## Comparison with Measurements

To test the validity of our model, we first examined the empirical data by Janzen, who measured body lengths of thousands of randomly sampled arthropods from several forests (19). To estimate the maximal growth rate *q*, we used the well-established empirical relation (8⇓⇓⇓–12) and estimated (20, 21). The resulting distribution of biomass vs. maximal growth rate is multimodal, periodically peaked at larger sizes, and followed by a smooth tail at smaller sizes, just like the steady-state distributions exhibited by our model (Fig. 3*A*). Qualitative agreement was achieved by fitting the three model parameters, *m*, *s*, and μ.

Our model also fits well to two other datasets: the time-averaged weight distributions of phytoplankton in Lake Kinneret and of metazoans in the Lone Oak stream (Fig. 3*B*) (22, 23). Moreover, we were able to universally fit all three distributions simultaneously by a single graph (Fig. 3*B*) via scaling all rates by the mortality *m*, as , , , and (*SI Methods*). The shape of this distribution is independent of *m*, which merely scales the *q*-axis by a value specific to each ecosystem. The scaled parameter corresponds to the number of offspring an organism must renounce within a time window to guarantee taking over a patch within that time.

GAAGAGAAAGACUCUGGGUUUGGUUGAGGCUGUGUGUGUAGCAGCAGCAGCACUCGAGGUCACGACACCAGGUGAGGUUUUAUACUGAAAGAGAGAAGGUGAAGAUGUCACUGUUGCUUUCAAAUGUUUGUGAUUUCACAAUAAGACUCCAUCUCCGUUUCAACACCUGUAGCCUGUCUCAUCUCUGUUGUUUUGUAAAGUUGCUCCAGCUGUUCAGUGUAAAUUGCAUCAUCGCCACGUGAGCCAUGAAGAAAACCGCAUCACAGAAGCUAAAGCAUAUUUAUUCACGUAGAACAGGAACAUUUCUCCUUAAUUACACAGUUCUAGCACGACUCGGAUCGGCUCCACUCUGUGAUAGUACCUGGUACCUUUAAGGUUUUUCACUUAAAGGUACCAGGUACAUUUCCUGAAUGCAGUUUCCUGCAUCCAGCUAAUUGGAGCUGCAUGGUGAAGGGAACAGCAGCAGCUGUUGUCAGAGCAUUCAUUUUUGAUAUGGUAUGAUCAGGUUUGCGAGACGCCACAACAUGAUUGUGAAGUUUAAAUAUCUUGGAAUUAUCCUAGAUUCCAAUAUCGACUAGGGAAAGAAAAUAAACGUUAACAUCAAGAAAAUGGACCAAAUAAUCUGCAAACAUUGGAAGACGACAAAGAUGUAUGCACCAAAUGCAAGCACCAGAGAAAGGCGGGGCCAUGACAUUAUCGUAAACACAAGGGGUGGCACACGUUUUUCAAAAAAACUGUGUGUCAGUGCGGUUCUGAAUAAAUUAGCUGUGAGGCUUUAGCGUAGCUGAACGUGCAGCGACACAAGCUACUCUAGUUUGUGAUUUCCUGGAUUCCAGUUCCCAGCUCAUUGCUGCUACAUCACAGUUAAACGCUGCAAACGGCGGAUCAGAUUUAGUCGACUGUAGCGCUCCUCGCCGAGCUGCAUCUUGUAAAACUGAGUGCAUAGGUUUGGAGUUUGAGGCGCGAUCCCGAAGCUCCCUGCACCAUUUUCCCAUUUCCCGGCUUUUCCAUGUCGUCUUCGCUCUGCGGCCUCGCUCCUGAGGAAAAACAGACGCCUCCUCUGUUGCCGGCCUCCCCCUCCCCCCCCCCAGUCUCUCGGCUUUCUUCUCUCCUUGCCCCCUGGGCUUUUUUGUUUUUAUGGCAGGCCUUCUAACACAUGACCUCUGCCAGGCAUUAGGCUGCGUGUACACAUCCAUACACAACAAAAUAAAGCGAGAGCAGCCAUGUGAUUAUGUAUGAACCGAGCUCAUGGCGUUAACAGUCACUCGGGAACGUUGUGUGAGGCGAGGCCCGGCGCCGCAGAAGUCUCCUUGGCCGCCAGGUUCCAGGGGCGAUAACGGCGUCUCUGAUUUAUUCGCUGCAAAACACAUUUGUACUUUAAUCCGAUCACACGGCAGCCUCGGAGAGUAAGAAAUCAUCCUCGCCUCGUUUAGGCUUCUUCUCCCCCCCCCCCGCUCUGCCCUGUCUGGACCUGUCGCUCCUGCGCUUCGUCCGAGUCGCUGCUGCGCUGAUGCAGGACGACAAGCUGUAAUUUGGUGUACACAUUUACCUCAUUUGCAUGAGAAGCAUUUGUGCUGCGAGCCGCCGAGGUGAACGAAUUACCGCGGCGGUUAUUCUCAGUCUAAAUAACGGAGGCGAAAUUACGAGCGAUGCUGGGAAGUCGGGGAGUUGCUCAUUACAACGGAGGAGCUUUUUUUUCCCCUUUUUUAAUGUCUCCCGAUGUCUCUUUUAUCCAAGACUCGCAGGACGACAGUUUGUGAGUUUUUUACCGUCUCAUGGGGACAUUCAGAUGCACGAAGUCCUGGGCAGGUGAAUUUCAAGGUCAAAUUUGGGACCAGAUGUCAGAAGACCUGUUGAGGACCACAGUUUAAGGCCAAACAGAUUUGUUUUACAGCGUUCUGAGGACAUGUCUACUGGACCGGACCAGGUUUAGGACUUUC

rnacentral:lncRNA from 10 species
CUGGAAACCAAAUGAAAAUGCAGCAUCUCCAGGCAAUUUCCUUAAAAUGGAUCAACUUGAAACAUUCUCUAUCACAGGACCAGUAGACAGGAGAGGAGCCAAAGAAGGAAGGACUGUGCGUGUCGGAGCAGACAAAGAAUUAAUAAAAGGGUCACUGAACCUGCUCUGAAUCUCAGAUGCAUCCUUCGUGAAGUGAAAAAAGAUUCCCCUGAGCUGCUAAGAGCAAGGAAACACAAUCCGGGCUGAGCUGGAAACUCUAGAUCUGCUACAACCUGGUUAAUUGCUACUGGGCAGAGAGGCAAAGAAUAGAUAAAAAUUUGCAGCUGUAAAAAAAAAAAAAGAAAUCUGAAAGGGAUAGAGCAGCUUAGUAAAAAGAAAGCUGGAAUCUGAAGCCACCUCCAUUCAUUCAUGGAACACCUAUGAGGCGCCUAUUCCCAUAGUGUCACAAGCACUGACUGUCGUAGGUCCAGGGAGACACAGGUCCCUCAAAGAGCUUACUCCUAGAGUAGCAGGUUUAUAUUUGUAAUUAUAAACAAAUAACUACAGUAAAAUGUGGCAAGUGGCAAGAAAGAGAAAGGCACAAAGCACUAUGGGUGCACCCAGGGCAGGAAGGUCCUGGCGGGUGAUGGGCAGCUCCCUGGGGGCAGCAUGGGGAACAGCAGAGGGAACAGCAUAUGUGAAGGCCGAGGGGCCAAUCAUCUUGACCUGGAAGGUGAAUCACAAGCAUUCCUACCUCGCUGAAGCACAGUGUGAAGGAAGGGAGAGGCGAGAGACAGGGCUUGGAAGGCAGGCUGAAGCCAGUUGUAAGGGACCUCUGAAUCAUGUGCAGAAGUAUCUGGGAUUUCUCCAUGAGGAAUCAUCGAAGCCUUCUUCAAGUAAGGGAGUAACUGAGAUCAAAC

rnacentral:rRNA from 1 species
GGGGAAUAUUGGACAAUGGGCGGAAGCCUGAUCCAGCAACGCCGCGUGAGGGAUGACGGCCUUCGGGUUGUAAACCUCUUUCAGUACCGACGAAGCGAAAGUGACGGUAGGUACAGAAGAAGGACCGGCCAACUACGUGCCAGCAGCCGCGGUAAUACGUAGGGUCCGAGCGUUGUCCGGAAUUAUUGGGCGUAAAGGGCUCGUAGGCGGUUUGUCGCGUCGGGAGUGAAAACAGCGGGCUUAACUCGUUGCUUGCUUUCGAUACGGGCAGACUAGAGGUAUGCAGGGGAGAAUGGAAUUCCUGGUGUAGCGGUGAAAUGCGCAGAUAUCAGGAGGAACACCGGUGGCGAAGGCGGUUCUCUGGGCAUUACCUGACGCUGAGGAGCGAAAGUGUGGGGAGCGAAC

In addition to and , which seem to be nearly the same for all three ecosystems, our model may predict via scaling the resource exchange rate *m* of each ecosystem (see *Methods*): ∼ for arthropods, ∼ for metazoans, and ∼ for phytoplankton. A careful empirical examination still is needed to verify these predictions, but the predicted exchange rates appear to be plausible. First, arthropods usually have an annual or seasonal life cycle, after which they lay eggs and sometimes migrate; moreover, their resources are plant products that often are also annual or seasonal (24). Second, the phytoplankton turnover rate is about (25). The lower bound of this rate, which corresponds to small phytoplankton, may fairly estimate the resource exchange rate because of the relatively poor ability of small phytoplankton to persist without resources. This turnover rate also may approximate the resource exchange rate in the metazoans’ ecosystem, in which phytoplankton is a primary resource. More generally, our results are supported by the observation that turnover rates in plants also scale approximately like (12).

## Resonance Mechanism for Multimodal Distributions

The underlying “microscopic” dynamics of species competition has a natural effective frequency, which is exhibited at the “macroscopic” scale as the width over which the invasion probability *g* varies (, Fig. 1*C*). This frequency is inherent in the competition, and its resonance with colonization rates leads to a nearly periodic discrete pattern with a corresponding period (see *Supporting Information*). Although competition in our model is fast, its characteristic frequency persists at the macroscopic scale because of its stochastic nature. Indeed, similar periodic patterns appear if we modify the model and assume that selection is deterministic but occurs over a nonnegligible period *s*, during which both competing species spread migrants from the same patch.